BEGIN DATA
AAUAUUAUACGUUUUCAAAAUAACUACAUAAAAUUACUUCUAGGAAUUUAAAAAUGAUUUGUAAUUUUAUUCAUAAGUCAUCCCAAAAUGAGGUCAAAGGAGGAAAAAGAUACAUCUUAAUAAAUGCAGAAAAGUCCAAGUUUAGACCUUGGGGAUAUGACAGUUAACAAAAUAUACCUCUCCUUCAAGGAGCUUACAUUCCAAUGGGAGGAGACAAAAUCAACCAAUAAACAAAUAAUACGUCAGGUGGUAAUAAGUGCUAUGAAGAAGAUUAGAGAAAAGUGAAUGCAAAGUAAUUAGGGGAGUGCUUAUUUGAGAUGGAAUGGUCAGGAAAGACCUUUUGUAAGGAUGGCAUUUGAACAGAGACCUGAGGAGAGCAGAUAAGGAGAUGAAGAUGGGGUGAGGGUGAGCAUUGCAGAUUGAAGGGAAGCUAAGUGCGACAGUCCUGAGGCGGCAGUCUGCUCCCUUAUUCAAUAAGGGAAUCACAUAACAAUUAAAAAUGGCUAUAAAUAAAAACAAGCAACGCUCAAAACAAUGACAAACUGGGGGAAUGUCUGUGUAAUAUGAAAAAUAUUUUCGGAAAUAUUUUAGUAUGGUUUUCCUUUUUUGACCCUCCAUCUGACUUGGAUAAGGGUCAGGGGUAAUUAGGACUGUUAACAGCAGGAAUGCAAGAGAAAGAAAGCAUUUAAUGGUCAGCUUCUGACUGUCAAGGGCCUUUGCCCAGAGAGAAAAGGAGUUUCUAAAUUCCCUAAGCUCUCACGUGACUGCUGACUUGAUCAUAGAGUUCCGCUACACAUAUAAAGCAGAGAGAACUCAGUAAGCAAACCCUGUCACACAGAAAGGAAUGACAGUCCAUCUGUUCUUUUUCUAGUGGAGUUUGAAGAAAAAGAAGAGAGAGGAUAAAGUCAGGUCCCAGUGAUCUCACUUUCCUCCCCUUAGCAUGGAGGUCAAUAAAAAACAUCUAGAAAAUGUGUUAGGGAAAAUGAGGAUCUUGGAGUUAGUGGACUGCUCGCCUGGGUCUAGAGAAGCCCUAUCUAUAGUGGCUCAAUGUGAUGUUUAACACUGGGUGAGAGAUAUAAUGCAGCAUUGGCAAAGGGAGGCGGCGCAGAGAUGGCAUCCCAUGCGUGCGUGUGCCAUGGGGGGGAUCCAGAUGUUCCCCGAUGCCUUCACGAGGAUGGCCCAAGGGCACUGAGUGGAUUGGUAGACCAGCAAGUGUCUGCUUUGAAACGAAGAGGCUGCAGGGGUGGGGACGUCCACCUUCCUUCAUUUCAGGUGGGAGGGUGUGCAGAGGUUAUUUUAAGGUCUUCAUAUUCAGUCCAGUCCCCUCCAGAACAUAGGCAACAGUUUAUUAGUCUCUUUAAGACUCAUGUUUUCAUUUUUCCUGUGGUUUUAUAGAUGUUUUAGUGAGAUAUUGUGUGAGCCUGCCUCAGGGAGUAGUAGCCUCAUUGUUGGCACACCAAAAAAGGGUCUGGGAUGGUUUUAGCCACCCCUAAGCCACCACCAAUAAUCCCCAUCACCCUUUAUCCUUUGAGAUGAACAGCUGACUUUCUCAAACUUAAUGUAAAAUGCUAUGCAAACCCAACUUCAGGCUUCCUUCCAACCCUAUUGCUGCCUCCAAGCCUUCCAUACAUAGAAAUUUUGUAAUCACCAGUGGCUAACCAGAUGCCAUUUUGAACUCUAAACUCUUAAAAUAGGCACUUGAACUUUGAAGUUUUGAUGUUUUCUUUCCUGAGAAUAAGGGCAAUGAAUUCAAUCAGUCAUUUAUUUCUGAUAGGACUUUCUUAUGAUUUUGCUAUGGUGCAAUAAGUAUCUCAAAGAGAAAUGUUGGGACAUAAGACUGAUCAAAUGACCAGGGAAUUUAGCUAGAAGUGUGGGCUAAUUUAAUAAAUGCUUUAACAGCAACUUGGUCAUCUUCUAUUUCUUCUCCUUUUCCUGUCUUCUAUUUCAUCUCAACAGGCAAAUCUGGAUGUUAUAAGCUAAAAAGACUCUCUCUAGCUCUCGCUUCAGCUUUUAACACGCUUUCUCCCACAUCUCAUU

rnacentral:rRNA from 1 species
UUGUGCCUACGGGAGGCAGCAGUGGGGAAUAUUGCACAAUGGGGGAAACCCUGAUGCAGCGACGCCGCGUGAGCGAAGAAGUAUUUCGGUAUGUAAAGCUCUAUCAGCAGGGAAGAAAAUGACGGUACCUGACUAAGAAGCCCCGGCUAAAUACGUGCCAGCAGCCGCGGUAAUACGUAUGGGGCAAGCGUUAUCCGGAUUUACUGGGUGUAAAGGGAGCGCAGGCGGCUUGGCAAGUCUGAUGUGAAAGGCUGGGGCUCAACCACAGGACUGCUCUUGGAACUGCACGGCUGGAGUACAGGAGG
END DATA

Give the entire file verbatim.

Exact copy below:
AAUAUUAUACGUUUUCAAAAUAACUACAUAAAAUUACUUCUAGGAAUUUAAAAAUGAUUUGUAAUUUUAUUCAUAAGUCAUCCCAAAAUGAGGUCAAAGGAGGAAAAAGAUACAUCUUAAUAAAUGCAGAAAAGUCCAAGUUUAGACCUUGGGGAUAUGACAGUUAACAAAAUAUACCUCUCCUUCAAGGAGCUUACAUUCCAAUGGGAGGAGACAAAAUCAACCAAUAAACAAAUAAUACGUCAGGUGGUAAUAAGUGCUAUGAAGAAGAUUAGAGAAAAGUGAAUGCAAAGUAAUUAGGGGAGUGCUUAUUUGAGAUGGAAUGGUCAGGAAAGACCUUUUGUAAGGAUGGCAUUUGAACAGAGACCUGAGGAGAGCAGAUAAGGAGAUGAAGAUGGGGUGAGGGUGAGCAUUGCAGAUUGAAGGGAAGCUAAGUGCGACAGUCCUGAGGCGGCAGUCUGCUCCCUUAUUCAAUAAGGGAAUCACAUAACAAUUAAAAAUGGCUAUAAAUAAAAACAAGCAACGCUCAAAACAAUGACAAACUGGGGGAAUGUCUGUGUAAUAUGAAAAAUAUUUUCGGAAAUAUUUUAGUAUGGUUUUCCUUUUUUGACCCUCCAUCUGACUUGGAUAAGGGUCAGGGGUAAUUAGGACUGUUAACAGCAGGAAUGCAAGAGAAAGAAAGCAUUUAAUGGUCAGCUUCUGACUGUCAAGGGCCUUUGCCCAGAGAGAAAAGGAGUUUCUAAAUUCCCUAAGCUCUCACGUGACUGCUGACUUGAUCAUAGAGUUCCGCUACACAUAUAAAGCAGAGAGAACUCAGUAAGCAAACCCUGUCACACAGAAAGGAAUGACAGUCCAUCUGUUCUUUUUCUAGUGGAGUUUGAAGAAAAAGAAGAGAGAGGAUAAAGUCAGGUCCCAGUGAUCUCACUUUCCUCCCCUUAGCAUGGAGGUCAAUAAAAAACAUCUAGAAAAUGUGUUAGGGAAAAUGAGGAUCUUGGAGUUAGUGGACUGCUCGCCUGGGUCUAGAGAAGCCCUAUCUAUAGUGGCUCAAUGUGAUGUUUAACACUGGGUGAGAGAUAUAAUGCAGCAUUGGCAAAGGGAGGCGGCGCAGAGAUGGCAUCCCAUGCGUGCGUGUGCCAUGGGGGGGAUCCAGAUGUUCCCCGAUGCCUUCACGAGGAUGGCCCAAGGGCACUGAGUGGAUUGGUAGACCAGCAAGUGUCUGCUUUGAAACGAAGAGGCUGCAGGGGUGGGGACGUCCACCUUCCUUCAUUUCAGGUGGGAGGGUGUGCAGAGGUUAUUUUAAGGUCUUCAUAUUCAGUCCAGUCCCCUCCAGAACAUAGGCAACAGUUUAUUAGUCUCUUUAAGACUCAUGUUUUCAUUUUUCCUGUGGUUUUAUAGAUGUUUUAGUGAGAUAUUGUGUGAGCCUGCCUCAGGGAGUAGUAGCCUCAUUGUUGGCACACCAAAAAAGGGUCUGGGAUGGUUUUAGCCACCCCUAAGCCACCACCAAUAAUCCCCAUCACCCUUUAUCCUUUGAGAUGAACAGCUGACUUUCUCAAACUUAAUGUAAAAUGCUAUGCAAACCCAACUUCAGGCUUCCUUCCAACCCUAUUGCUGCCUCCAAGCCUUCCAUACAUAGAAAUUUUGUAAUCACCAGUGGCUAACCAGAUGCCAUUUUGAACUCUAAACUCUUAAAAUAGGCACUUGAACUUUGAAGUUUUGAUGUUUUCUUUCCUGAGAAUAAGGGCAAUGAAUUCAAUCAGUCAUUUAUUUCUGAUAGGACUUUCUUAUGAUUUUGCUAUGGUGCAAUAAGUAUCUCAAAGAGAAAUGUUGGGACAUAAGACUGAUCAAAUGACCAGGGAAUUUAGCUAGAAGUGUGGGCUAAUUUAAUAAAUGCUUUAACAGCAACUUGGUCAUCUUCUAUUUCUUCUCCUUUUCCUGUCUUCUAUUUCAUCUCAACAGGCAAAUCUGGAUGUUAUAAGCUAAAAAGACUCUCUCUAGCUCUCGCUUCAGCUUUUAACACGCUUUCUCCCACAUCUCAUU

rnacentral:rRNA from 1 species
UUGUGCCUACGGGAGGCAGCAGUGGGGAAUAUUGCACAAUGGGGGAAACCCUGAUGCAGCGACGCCGCGUGAGCGAAGAAGUAUUUCGGUAUGUAAAGCUCUAUCAGCAGGGAAGAAAAUGACGGUACCUGACUAAGAAGCCCCGGCUAAAUACGUGCCAGCAGCCGCGGUAAUACGUAUGGGGCAAGCGUUAUCCGGAUUUACUGGGUGUAAAGGGAGCGCAGGCGGCUUGGCAAGUCUGAUGUGAAAGGCUGGGGCUCAACCACAGGACUGCUCUUGGAACUGCACGGCUGGAGUACAGGAGG